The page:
While it is probably too early to call refurbishment in the education sector a trend, there is certainly an increase in the number of established schools that are adding new facilities to their campuses as well as refurbishing existing building stock. This is probably to maintain an edge over the expanding list of new schools that have recently opened.
The rise in technology integration in education buildings is potentially one factor for the growing need of better integration of technology in learning environments, but it also makes economic sense to renovate and repurpose facilities to accommodate such changes without the need to relocate to a new facility with the associated costs and so forth.
Through good design, the opportunity to add extra space for expanding year groups or to provide collaborative and flexible learning spaces is achieved, adding further value. In our recent projects, we studied how we could improve running costs by adding retrofit insulation and more intelligent lighting and cooling systems.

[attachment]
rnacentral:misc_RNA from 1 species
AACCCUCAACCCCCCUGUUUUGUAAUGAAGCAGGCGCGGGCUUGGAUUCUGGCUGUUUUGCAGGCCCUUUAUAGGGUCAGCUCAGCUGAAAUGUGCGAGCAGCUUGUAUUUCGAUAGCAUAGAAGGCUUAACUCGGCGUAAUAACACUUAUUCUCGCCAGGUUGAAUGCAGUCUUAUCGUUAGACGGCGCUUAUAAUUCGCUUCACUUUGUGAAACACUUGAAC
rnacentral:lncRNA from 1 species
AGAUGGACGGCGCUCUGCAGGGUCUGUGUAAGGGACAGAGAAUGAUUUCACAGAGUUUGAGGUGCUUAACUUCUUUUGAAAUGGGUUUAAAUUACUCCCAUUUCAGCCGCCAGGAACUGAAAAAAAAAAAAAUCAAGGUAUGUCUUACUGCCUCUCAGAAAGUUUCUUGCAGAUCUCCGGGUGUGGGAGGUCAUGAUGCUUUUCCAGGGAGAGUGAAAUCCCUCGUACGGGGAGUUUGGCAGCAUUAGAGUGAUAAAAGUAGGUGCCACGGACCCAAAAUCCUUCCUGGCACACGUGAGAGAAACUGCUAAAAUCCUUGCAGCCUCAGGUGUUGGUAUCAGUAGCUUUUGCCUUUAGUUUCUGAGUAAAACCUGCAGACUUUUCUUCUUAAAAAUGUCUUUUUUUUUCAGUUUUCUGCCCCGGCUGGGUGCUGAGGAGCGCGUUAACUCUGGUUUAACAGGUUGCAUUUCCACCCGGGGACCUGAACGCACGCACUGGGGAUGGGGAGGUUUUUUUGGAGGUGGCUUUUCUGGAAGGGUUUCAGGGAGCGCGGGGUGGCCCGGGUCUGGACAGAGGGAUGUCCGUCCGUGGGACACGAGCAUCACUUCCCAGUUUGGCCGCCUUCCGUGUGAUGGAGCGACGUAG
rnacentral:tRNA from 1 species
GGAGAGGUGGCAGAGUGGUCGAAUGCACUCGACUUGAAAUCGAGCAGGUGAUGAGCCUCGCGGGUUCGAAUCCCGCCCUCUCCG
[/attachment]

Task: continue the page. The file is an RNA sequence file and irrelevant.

Some regional examples include GAJ’s recent significant demolition and rebuild for Emirates International School to improve the density and efficiency of the early years’ facility whilst freeing up valuable external play space. In addition to this, we also engaged with a number of projects for Dubai College, which are currently on site and due to be handed over in August 2018 ahead of the new academic year.
The works started with the conversion of an existing staff accommodation block into the new English Block which created 10 new classrooms and a Harkness teaching room, internal and external breakout spaces. The old admin building is now being converted into a teacher and student learning hub with a large focus on collaborative learning spaces mixed with traditional classrooms and teacher training facilities.
In the early stages of the design process it was agreed with the senior leadership team that it is impossible to accurately predict the continuing influence of how technology can assist in delivering high-quality education other than we need to be able to quickly react and adapt to change.
Our approach to incorporating technology was therefore to ensure that there was as much flexibility in how the spaces were laid out and how the connection points can cater for different scenarios of teaching methods. A combination of traditional white boards were combined with smart TVs that can be linked with the students tablet and facilitate the sharing of information and ideas. Portable battery towers will be distributed throughout the teaching spaces to ensure that students can recharge their devices throughout the day which is a very real and practical problem with increased reliance on technology.
This was originally written by Jason Burnside, head of education design at Godwin Austen Johnson, for Middle East Architect’s July 2018 issue